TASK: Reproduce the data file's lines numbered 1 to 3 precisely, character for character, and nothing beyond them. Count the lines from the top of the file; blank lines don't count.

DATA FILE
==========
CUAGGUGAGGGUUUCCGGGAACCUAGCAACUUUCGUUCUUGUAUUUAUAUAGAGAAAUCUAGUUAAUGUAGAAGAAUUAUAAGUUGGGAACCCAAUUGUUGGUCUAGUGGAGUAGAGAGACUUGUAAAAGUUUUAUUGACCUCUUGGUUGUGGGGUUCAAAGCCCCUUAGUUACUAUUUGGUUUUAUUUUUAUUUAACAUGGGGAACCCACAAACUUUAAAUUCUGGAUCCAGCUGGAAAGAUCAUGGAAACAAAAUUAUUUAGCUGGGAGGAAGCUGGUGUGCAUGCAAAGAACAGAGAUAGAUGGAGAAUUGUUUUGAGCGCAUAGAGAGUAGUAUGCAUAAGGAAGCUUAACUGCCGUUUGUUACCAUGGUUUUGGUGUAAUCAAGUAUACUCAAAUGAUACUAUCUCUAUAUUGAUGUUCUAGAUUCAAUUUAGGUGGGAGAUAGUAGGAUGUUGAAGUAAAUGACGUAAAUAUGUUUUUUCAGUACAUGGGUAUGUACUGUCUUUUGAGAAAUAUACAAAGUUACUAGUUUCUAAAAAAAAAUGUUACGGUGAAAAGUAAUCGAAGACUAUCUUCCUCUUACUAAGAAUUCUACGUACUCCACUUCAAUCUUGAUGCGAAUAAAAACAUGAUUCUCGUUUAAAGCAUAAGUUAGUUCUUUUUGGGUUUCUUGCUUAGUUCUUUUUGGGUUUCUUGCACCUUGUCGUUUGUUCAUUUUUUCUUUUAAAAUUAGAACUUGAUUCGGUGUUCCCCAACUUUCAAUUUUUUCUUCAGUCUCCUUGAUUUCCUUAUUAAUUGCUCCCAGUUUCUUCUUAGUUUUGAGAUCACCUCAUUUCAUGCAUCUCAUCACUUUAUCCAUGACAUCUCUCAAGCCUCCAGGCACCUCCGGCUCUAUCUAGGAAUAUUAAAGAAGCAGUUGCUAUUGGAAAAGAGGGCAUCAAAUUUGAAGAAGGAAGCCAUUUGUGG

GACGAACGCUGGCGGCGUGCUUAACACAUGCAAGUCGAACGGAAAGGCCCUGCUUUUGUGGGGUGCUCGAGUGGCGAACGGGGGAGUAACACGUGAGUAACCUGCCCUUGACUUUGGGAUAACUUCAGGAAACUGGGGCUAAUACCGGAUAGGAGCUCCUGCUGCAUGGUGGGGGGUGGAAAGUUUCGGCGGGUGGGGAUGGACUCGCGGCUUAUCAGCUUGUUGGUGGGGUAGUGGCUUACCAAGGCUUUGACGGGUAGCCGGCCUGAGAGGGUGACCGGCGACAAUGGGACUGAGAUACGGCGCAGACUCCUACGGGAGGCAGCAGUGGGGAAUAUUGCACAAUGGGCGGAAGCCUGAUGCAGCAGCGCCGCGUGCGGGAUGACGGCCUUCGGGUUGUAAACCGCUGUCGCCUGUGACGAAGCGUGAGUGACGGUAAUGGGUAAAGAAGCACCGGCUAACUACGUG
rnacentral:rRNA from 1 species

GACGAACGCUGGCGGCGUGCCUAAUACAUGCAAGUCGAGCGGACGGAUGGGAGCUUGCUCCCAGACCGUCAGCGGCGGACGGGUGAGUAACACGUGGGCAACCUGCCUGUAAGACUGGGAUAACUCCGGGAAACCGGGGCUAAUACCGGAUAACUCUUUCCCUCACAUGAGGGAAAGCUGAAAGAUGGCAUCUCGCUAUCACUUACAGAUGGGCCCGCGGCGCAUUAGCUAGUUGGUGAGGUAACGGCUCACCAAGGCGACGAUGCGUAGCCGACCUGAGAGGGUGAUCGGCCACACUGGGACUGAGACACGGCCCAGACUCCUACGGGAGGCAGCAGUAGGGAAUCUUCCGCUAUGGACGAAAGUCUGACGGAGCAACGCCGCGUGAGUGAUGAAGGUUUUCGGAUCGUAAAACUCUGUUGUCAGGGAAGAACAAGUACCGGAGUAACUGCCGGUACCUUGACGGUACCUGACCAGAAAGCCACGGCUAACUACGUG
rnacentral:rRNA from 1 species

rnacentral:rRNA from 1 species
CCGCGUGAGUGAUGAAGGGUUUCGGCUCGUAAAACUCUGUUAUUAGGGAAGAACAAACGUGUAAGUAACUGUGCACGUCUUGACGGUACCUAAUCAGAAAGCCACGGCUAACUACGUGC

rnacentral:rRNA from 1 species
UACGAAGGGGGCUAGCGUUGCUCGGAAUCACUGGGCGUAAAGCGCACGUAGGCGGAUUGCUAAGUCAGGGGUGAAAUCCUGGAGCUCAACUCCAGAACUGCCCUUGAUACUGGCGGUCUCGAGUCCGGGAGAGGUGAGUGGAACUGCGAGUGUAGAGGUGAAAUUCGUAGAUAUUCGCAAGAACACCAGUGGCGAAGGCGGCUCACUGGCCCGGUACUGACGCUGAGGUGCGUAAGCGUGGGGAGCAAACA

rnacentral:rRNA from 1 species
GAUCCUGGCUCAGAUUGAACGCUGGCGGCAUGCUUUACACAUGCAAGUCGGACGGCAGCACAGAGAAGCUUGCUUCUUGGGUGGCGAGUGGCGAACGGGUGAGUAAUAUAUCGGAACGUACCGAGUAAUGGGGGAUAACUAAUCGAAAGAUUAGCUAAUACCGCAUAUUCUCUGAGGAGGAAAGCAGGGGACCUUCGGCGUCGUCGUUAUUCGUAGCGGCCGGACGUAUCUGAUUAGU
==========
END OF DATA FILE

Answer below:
CUAGGUGAGGGUUUCCGGGAACCUAGCAACUUUCGUUCUUGUAUUUAUAUAGAGAAAUCUAGUUAAUGUAGAAGAAUUAUAAGUUGGGAACCCAAUUGUUGGUCUAGUGGAGUAGAGAGACUUGUAAAAGUUUUAUUGACCUCUUGGUUGUGGGGUUCAAAGCCCCUUAGUUACUAUUUGGUUUUAUUUUUAUUUAACAUGGGGAACCCACAAACUUUAAAUUCUGGAUCCAGCUGGAAAGAUCAUGGAAACAAAAUUAUUUAGCUGGGAGGAAGCUGGUGUGCAUGCAAAGAACAGAGAUAGAUGGAGAAUUGUUUUGAGCGCAUAGAGAGUAGUAUGCAUAAGGAAGCUUAACUGCCGUUUGUUACCAUGGUUUUGGUGUAAUCAAGUAUACUCAAAUGAUACUAUCUCUAUAUUGAUGUUCUAGAUUCAAUUUAGGUGGGAGAUAGUAGGAUGUUGAAGUAAAUGACGUAAAUAUGUUUUUUCAGUACAUGGGUAUGUACUGUCUUUUGAGAAAUAUACAAAGUUACUAGUUUCUAAAAAAAAAUGUUACGGUGAAAAGUAAUCGAAGACUAUCUUCCUCUUACUAAGAAUUCUACGUACUCCACUUCAAUCUUGAUGCGAAUAAAAACAUGAUUCUCGUUUAAAGCAUAAGUUAGUUCUUUUUGGGUUUCUUGCUUAGUUCUUUUUGGGUUUCUUGCACCUUGUCGUUUGUUCAUUUUUUCUUUUAAAAUUAGAACUUGAUUCGGUGUUCCCCAACUUUCAAUUUUUUCUUCAGUCUCCUUGAUUUCCUUAUUAAUUGCUCCCAGUUUCUUCUUAGUUUUGAGAUCACCUCAUUUCAUGCAUCUCAUCACUUUAUCCAUGACAUCUCUCAAGCCUCCAGGCACCUCCGGCUCUAUCUAGGAAUAUUAAAGAAGCAGUUGCUAUUGGAAAAGAGGGCAUCAAAUUUGAAGAAGGAAGCCAUUUGUGG

GACGAACGCUGGCGGCGUGCUUAACACAUGCAAGUCGAACGGAAAGGCCCUGCUUUUGUGGGGUGCUCGAGUGGCGAACGGGGGAGUAACACGUGAGUAACCUGCCCUUGACUUUGGGAUAACUUCAGGAAACUGGGGCUAAUACCGGAUAGGAGCUCCUGCUGCAUGGUGGGGGGUGGAAAGUUUCGGCGGGUGGGGAUGGACUCGCGGCUUAUCAGCUUGUUGGUGGGGUAGUGGCUUACCAAGGCUUUGACGGGUAGCCGGCCUGAGAGGGUGACCGGCGACAAUGGGACUGAGAUACGGCGCAGACUCCUACGGGAGGCAGCAGUGGGGAAUAUUGCACAAUGGGCGGAAGCCUGAUGCAGCAGCGCCGCGUGCGGGAUGACGGCCUUCGGGUUGUAAACCGCUGUCGCCUGUGACGAAGCGUGAGUGACGGUAAUGGGUAAAGAAGCACCGGCUAACUACGUG
rnacentral:rRNA from 1 species